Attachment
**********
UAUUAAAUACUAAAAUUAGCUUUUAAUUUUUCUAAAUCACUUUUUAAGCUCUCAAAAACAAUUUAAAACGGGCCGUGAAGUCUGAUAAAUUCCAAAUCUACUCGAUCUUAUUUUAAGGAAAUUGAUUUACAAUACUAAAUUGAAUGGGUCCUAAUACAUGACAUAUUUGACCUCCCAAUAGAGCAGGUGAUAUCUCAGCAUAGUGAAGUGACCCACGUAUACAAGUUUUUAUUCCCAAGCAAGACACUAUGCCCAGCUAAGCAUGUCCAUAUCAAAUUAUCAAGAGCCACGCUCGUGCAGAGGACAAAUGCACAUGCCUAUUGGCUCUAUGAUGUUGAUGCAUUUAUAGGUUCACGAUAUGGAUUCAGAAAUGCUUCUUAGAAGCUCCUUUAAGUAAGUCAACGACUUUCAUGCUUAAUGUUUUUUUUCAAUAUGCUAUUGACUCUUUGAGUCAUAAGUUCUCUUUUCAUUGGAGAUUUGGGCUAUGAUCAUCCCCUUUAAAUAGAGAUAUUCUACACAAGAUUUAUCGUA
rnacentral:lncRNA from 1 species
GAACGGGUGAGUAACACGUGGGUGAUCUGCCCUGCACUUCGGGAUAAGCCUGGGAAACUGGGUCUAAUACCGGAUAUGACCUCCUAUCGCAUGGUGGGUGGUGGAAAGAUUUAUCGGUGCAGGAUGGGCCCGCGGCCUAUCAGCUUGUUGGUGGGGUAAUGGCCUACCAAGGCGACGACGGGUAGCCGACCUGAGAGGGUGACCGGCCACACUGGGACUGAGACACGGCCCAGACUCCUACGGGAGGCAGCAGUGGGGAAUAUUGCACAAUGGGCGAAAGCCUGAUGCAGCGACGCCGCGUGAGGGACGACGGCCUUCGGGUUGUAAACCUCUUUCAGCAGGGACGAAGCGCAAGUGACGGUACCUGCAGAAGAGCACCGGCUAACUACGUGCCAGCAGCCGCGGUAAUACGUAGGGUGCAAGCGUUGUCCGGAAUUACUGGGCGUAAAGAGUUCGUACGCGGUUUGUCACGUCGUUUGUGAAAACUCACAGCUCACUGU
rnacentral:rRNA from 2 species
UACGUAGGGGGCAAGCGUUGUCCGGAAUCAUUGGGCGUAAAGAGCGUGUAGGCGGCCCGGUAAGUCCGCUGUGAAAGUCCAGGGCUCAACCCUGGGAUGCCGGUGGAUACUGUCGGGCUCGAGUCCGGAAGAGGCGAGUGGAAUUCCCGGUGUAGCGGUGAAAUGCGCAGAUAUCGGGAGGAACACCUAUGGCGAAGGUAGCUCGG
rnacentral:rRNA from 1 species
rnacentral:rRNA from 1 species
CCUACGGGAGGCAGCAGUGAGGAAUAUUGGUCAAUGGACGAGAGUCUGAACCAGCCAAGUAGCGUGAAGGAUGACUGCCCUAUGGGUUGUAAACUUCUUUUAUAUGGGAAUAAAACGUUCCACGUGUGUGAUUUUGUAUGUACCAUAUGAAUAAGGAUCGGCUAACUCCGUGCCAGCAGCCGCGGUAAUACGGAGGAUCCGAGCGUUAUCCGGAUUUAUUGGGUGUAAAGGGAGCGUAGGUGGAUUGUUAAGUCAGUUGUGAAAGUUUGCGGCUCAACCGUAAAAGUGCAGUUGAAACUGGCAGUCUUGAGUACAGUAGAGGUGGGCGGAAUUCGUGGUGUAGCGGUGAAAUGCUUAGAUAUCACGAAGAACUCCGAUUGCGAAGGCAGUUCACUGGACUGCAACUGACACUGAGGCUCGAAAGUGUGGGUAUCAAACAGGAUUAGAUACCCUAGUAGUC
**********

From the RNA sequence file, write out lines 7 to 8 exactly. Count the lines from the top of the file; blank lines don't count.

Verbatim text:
rnacentral:rRNA from 1 species
CCUACGGGAGGCAGCAGUGAGGAAUAUUGGUCAAUGGACGAGAGUCUGAACCAGCCAAGUAGCGUGAAGGAUGACUGCCCUAUGGGUUGUAAACUUCUUUUAUAUGGGAAUAAAACGUUCCACGUGUGUGAUUUUGUAUGUACCAUAUGAAUAAGGAUCGGCUAACUCCGUGCCAGCAGCCGCGGUAAUACGGAGGAUCCGAGCGUUAUCCGGAUUUAUUGGGUGUAAAGGGAGCGUAGGUGGAUUGUUAAGUCAGUUGUGAAAGUUUGCGGCUCAACCGUAAAAGUGCAGUUGAAACUGGCAGUCUUGAGUACAGUAGAGGUGGGCGGAAUUCGUGGUGUAGCGGUGAAAUGCUUAGAUAUCACGAAGAACUCCGAUUGCGAAGGCAGUUCACUGGACUGCAACUGACACUGAGGCUCGAAAGUGUGGGUAUCAAACAGGAUUAGAUACCCUAGUAGUC